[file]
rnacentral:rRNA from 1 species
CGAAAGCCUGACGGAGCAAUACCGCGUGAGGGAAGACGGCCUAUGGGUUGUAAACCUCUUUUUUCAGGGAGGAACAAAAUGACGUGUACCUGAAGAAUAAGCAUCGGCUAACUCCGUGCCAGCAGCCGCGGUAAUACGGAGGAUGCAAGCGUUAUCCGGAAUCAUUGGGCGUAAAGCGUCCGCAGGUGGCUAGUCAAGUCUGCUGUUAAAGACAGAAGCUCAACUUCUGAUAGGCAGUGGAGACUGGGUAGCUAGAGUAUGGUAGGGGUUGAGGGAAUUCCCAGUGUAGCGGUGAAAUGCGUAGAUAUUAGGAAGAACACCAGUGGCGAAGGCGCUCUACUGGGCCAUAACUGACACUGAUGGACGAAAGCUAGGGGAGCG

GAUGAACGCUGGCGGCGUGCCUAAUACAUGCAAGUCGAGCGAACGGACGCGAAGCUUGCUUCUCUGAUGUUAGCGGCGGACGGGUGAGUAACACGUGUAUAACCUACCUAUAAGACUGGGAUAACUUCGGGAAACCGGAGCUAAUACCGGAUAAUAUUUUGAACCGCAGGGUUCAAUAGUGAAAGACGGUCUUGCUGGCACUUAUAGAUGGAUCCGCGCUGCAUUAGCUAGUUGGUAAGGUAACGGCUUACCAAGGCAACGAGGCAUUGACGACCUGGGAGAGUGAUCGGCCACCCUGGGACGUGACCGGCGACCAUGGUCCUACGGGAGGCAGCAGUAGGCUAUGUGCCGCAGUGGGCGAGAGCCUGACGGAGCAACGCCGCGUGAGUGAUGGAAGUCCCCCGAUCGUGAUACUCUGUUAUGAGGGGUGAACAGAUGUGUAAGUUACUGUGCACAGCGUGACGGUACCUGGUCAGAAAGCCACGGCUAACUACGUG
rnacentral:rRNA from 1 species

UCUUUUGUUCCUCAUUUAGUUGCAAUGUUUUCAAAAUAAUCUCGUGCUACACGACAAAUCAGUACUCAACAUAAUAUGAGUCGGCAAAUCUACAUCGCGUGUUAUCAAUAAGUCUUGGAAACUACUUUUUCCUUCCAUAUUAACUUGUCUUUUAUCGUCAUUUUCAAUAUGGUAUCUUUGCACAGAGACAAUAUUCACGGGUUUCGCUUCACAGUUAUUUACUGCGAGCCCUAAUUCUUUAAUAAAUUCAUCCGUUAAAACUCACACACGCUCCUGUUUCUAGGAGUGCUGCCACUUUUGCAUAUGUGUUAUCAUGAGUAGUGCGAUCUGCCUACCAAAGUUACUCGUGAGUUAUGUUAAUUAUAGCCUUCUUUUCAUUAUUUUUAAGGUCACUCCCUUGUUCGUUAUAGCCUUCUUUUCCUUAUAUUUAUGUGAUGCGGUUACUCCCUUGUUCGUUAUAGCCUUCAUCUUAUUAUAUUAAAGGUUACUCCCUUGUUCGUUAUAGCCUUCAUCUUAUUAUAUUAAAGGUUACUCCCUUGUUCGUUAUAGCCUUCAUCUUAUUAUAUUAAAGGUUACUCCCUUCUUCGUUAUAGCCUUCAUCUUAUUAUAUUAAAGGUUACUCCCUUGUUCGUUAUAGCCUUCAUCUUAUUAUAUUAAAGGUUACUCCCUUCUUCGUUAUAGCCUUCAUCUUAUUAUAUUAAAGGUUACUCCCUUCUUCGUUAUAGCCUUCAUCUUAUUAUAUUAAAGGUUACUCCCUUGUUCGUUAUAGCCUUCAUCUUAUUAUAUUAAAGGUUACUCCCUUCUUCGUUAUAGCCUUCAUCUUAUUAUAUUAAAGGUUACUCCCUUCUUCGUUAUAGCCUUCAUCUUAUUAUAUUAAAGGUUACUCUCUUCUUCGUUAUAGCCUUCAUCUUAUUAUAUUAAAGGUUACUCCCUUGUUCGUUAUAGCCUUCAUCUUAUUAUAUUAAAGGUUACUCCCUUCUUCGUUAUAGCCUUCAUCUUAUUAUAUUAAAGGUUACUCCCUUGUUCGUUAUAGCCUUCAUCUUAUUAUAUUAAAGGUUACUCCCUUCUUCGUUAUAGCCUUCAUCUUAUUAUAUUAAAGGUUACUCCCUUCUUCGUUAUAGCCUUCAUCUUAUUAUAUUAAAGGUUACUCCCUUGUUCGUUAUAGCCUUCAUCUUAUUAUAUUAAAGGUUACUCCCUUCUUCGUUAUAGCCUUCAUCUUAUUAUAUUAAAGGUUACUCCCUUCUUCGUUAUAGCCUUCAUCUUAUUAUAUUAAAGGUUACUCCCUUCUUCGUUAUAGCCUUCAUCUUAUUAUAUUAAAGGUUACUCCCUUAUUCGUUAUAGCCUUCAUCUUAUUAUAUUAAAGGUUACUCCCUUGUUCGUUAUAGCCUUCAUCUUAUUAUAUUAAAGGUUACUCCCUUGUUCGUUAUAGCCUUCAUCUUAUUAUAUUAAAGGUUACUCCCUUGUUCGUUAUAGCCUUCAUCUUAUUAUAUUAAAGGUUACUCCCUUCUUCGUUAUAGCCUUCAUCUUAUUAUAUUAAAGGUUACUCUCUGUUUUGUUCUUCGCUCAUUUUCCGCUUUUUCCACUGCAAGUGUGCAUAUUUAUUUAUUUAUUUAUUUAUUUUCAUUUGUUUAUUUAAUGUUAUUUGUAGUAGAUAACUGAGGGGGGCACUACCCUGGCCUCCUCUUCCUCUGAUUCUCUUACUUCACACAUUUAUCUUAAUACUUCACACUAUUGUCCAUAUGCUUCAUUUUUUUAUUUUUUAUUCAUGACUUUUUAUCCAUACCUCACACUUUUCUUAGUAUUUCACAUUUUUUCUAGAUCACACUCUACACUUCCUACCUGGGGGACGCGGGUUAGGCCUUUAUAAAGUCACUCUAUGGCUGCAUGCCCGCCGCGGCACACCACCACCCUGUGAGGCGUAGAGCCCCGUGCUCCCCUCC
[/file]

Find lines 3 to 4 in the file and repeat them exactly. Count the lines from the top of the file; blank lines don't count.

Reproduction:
GAUGAACGCUGGCGGCGUGCCUAAUACAUGCAAGUCGAGCGAACGGACGCGAAGCUUGCUUCUCUGAUGUUAGCGGCGGACGGGUGAGUAACACGUGUAUAACCUACCUAUAAGACUGGGAUAACUUCGGGAAACCGGAGCUAAUACCGGAUAAUAUUUUGAACCGCAGGGUUCAAUAGUGAAAGACGGUCUUGCUGGCACUUAUAGAUGGAUCCGCGCUGCAUUAGCUAGUUGGUAAGGUAACGGCUUACCAAGGCAACGAGGCAUUGACGACCUGGGAGAGUGAUCGGCCACCCUGGGACGUGACCGGCGACCAUGGUCCUACGGGAGGCAGCAGUAGGCUAUGUGCCGCAGUGGGCGAGAGCCUGACGGAGCAACGCCGCGUGAGUGAUGGAAGUCCCCCGAUCGUGAUACUCUGUUAUGAGGGGUGAACAGAUGUGUAAGUUACUGUGCACAGCGUGACGGUACCUGGUCAGAAAGCCACGGCUAACUACGUG
rnacentral:rRNA from 1 species